February 28, 2012

Do you know how long it’s been since I’ve practiced my Oscar speech? A long ass time. Like most, my practice mainly took place in a bathroom. There was once a time where I, acting as my famous alter ego, Ms. Natali Beunes, thought it’d be a good idea to walk the red carpet in a terry cloth gown and subsequently imagined various paparazzi commenting on how flawless I looked.

“Ms. Beunes! Over here! Who are you wearing?”

“Oh, this old thing?” I’d say, “It’s from Bed, Bath, and Beyond.”

I’d imagined accepting for various projects, tailored my speech for each paltry idea that had set up camp in my brain at that time. Camp Counselors doing it, crazy sisters murdering each other, angsty retellings of plots already hashed out to the death on E.R… I was going to be fucking rolling in it. I wanted to be so famous that I couldn’t have a decent meal without swarms of adoring fans coming up to me and begging for a John Hancock.

I had everything figured out. I was going to be happily married to a tall, dark, and handsomely goateed fellow named Steve. We’d have a set of twin girls who were well adjusted artistic angels that played piano like Martha Argerich and danced like Marianela Nunez. I would walk every red carpet in a fashionable frock and give an eloquent speech that brought the room to it’s feet with an explosion of applause because…. THEY LIKE ME, THEY REALLY LIKE ME!

The more I write, and the more I get past the masturbatory honeymoon period of the creative process, the more I accept that you really have to have an enormous amount of self hatred to put words on paper.


Because writing is hard. Writing involves recognizing all of your bad decisions (which most of the time you feel are your best decisions) and figuring out how to kill them dead. Writing involves working through the pain of being stabbed in the heart long enough to let your characters breathe a little, and become aware that you’re the one holding the knife in the first place. Writing is realizing people don’t always say exactly what they mean, and exactly how they feel, or exactly what YOU mean, and exactly how YOU feel.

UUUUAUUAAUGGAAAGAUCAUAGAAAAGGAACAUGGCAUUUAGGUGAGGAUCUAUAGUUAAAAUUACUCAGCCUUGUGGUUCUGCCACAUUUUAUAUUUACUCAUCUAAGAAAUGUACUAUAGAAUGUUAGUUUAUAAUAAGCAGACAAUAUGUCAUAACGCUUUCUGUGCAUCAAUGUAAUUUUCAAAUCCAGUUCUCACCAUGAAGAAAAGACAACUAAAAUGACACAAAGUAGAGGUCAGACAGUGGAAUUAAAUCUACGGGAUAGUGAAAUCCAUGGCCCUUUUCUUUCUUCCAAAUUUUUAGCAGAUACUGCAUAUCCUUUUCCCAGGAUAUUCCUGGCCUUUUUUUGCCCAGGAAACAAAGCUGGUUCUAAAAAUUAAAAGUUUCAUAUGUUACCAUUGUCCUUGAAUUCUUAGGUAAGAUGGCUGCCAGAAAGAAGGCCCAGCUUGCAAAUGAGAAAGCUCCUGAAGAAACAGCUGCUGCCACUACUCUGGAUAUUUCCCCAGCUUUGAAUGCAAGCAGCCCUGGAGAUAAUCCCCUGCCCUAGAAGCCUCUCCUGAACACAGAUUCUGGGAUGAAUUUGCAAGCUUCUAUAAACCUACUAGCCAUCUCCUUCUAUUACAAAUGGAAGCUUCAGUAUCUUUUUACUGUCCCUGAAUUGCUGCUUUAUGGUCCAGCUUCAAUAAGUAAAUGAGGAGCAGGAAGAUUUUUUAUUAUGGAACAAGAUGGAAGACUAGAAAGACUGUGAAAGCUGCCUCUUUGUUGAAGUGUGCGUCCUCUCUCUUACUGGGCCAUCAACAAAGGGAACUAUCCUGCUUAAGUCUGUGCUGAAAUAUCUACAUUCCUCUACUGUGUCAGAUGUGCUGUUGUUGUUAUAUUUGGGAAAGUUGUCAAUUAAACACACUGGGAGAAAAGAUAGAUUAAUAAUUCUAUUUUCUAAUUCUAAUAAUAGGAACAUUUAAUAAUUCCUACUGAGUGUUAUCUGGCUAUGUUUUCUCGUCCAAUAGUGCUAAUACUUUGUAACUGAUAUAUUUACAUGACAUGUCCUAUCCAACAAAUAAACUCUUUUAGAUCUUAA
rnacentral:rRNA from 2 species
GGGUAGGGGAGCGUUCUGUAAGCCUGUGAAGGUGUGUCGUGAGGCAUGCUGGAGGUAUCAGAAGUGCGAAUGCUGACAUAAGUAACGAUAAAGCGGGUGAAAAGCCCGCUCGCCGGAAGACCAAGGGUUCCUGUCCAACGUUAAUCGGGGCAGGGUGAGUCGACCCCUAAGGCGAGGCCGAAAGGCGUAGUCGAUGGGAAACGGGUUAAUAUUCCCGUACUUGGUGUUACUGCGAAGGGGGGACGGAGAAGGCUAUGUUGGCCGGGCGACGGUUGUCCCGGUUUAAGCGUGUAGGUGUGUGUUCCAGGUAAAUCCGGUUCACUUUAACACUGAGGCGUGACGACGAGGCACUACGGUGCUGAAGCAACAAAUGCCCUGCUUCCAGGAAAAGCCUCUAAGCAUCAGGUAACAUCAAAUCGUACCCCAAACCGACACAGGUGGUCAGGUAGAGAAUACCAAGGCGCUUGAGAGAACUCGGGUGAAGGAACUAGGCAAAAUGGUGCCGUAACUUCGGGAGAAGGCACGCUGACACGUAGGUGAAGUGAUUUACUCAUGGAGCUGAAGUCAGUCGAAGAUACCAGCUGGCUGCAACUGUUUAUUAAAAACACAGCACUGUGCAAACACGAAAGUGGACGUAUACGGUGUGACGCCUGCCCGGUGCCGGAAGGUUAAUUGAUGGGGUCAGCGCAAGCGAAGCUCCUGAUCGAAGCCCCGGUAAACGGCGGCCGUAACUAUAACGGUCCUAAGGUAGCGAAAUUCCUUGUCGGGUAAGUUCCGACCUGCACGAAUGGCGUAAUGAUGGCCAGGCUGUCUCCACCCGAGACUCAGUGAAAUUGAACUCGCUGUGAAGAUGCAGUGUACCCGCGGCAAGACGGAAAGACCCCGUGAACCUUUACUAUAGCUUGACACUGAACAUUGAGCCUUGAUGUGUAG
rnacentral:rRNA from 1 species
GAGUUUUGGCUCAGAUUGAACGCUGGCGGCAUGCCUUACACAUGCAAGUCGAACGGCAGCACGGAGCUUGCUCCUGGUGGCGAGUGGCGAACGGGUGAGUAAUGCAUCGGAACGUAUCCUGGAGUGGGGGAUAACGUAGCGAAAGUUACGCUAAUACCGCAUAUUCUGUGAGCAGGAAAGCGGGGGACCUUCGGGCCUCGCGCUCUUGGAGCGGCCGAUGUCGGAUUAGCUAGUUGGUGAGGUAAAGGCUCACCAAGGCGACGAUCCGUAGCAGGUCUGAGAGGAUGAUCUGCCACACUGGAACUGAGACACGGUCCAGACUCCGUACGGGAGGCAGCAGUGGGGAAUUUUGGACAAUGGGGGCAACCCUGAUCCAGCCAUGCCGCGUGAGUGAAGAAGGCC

Actually, the more I think about it, writing kind of sucks.

In my past lives, I’ve touted that I would one day be rich and famous. People have asked to be thanked in my speech, told me they thought I was talented, and that they saw me on the stage. (Hopefully in something more regal than a rolled up bath towel). I don’t even know how to respond to that now. Before, I was like, “YOU KNOW IT!” and added everyone into my already hour long thank you note.

I can tell you this: even though it’s been years since I’ve pictured myself stumbling down the aisle in heels that were much too tall for my petite untrained frame, if I were more broke than I am now (HA!) I’d still have a little book with all my stupid words in it.

As much (and as often) as writing sucks harder than a million dollar hooker, I’d be destitute without it. Words live in my fingernails. To say otherwise would be ridiculous.

Sidenote: I wrote this at backspace today while I was sitting next to a dude who compared all of his writing to parts of a meal. He was like, “Sorry we can’t talk anymore, I have to go cook”. All he had to his name was a bicycle, a backpack, and a ten gallon bucket. He freestyle rapped for me before I left and he was pretty good. SHOUT OUT dude– if you’re reading this, you’re awesome. Don’t stop cookin’.


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